There had been recent changes to the management structure at the service following the departure of the last registered manager in May 2017. Their replacement left in August 2017. The current manager was appointed on the 30 October 2017 and was not yet registered with the Care Quality Commission. A registered manager is a person who has registered with the Care Quality Commission to manage the service. Like registered providers, they are ‘registered persons’. Registered persons have legal responsibility for meeting the requirements in the Health and Social Care Act 2008 and associated Regulations about how the service is run.

We received a number of comments regarding the lack of communication and organisation at the service, specifically in relation to office based staff.

There was a lack of audits being completed at provider level which meant that the issues around poor communication and staff rostering had not been effectively managed in the absence of a consistent registered manager. We have made a recommendation regarding this.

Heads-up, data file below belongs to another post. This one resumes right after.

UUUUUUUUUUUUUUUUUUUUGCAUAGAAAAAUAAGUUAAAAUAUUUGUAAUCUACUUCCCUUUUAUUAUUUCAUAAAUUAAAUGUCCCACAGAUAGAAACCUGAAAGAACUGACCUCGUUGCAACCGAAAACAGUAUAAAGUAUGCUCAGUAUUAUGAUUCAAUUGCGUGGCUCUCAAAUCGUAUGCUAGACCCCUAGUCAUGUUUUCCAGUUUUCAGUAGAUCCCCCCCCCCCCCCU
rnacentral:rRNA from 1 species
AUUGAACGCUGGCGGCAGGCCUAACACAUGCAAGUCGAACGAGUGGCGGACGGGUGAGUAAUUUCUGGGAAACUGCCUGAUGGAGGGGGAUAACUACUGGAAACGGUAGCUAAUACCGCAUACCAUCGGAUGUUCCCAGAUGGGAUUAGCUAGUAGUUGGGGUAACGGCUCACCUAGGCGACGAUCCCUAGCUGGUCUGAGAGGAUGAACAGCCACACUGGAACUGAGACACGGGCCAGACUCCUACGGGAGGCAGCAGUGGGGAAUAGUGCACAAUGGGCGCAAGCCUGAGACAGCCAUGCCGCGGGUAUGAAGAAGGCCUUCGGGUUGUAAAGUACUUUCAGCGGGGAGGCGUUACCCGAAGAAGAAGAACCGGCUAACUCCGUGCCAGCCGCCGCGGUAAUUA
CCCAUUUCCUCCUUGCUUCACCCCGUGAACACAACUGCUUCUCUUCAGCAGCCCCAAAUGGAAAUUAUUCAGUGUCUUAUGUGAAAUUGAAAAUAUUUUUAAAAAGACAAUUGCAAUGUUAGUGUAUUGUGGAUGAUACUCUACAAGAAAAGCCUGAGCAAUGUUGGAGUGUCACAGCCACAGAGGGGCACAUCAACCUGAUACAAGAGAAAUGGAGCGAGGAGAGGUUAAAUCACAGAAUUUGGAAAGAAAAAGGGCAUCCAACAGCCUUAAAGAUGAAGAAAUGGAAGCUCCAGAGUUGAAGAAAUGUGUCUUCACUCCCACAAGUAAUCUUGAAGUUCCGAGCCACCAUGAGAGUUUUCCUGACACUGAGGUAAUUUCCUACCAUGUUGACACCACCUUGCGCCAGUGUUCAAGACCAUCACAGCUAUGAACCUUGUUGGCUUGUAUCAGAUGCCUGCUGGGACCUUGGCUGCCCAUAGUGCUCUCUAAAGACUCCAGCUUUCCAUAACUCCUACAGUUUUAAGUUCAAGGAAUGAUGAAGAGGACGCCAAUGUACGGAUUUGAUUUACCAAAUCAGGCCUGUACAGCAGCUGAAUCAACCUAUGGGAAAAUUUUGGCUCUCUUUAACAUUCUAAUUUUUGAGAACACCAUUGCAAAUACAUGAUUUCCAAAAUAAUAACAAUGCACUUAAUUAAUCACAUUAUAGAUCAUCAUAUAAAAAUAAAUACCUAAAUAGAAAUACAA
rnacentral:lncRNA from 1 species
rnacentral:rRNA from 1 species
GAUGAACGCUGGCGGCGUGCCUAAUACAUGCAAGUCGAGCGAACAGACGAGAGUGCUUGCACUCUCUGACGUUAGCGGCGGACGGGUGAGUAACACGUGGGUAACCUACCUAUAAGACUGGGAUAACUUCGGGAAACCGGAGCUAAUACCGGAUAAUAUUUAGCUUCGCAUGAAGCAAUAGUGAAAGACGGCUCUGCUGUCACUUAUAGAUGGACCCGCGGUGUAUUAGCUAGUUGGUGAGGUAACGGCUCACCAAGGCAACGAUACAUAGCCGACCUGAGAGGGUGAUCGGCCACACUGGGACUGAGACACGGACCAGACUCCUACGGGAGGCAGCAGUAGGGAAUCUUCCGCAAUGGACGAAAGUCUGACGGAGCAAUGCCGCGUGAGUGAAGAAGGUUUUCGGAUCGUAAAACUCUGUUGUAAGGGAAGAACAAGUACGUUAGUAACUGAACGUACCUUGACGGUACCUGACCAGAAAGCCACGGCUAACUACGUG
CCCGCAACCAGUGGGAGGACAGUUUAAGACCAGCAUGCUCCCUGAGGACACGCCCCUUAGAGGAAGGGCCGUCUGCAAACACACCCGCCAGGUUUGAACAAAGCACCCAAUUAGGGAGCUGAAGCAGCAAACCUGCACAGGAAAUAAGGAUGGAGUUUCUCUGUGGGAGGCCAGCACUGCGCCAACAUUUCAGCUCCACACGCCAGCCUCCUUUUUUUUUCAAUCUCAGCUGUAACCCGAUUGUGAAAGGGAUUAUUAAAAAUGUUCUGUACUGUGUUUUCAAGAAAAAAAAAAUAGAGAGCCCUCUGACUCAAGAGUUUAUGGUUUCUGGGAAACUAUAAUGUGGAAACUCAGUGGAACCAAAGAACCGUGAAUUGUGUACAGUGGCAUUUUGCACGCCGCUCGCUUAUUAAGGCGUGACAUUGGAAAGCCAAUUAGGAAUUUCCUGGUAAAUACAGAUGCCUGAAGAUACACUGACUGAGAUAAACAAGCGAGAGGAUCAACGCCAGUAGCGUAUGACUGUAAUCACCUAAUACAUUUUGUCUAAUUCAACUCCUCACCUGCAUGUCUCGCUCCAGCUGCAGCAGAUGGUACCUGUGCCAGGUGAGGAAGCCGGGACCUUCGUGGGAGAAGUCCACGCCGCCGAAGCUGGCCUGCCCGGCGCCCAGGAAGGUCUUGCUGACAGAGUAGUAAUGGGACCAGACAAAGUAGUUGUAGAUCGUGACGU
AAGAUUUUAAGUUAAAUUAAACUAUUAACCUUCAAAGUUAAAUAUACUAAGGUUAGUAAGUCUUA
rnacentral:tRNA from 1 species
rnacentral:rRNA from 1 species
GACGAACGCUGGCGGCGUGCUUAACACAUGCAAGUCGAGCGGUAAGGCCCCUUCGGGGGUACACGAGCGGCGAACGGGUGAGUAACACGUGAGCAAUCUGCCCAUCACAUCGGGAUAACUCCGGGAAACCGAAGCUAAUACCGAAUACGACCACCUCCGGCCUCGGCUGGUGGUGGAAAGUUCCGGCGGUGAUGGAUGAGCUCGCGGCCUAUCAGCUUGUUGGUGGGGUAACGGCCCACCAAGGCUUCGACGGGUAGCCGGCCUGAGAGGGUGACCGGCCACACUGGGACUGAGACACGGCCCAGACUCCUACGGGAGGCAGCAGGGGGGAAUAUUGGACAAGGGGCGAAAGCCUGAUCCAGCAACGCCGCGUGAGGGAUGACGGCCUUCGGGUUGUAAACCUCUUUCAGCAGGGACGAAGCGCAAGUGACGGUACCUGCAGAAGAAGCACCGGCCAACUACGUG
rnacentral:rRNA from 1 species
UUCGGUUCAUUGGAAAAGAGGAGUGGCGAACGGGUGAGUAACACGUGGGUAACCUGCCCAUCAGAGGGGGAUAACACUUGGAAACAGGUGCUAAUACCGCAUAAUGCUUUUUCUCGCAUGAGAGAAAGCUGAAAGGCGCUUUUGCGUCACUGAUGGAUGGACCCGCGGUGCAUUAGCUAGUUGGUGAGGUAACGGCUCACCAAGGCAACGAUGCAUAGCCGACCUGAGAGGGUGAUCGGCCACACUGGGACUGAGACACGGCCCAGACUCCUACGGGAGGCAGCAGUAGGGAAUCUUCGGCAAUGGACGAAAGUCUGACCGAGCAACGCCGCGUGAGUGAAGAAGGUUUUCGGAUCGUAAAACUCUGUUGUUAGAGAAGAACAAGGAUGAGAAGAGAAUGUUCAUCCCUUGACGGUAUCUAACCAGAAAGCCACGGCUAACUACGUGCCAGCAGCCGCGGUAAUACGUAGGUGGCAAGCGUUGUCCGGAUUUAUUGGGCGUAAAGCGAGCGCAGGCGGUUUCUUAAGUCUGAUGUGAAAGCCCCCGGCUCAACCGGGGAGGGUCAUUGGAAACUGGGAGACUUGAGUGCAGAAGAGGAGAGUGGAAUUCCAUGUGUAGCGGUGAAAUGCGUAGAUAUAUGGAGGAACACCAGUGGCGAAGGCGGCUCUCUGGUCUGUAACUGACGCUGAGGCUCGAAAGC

People who used the service told us they felt safe when receiving care and support from care staff.

The registered provider had experienced operational issues in respect of staff recruitment which had impacted upon their ability to meet the demands of their contract with the local authority. Nevertheless, the registered provider ensured all existing referrals were managed safely as a priority and that sufficient numbers of staff were allocated to meet people’s needs.

There were processes in place to ensure that staff were recruited safely. This included a satisfactory DBS check and two references.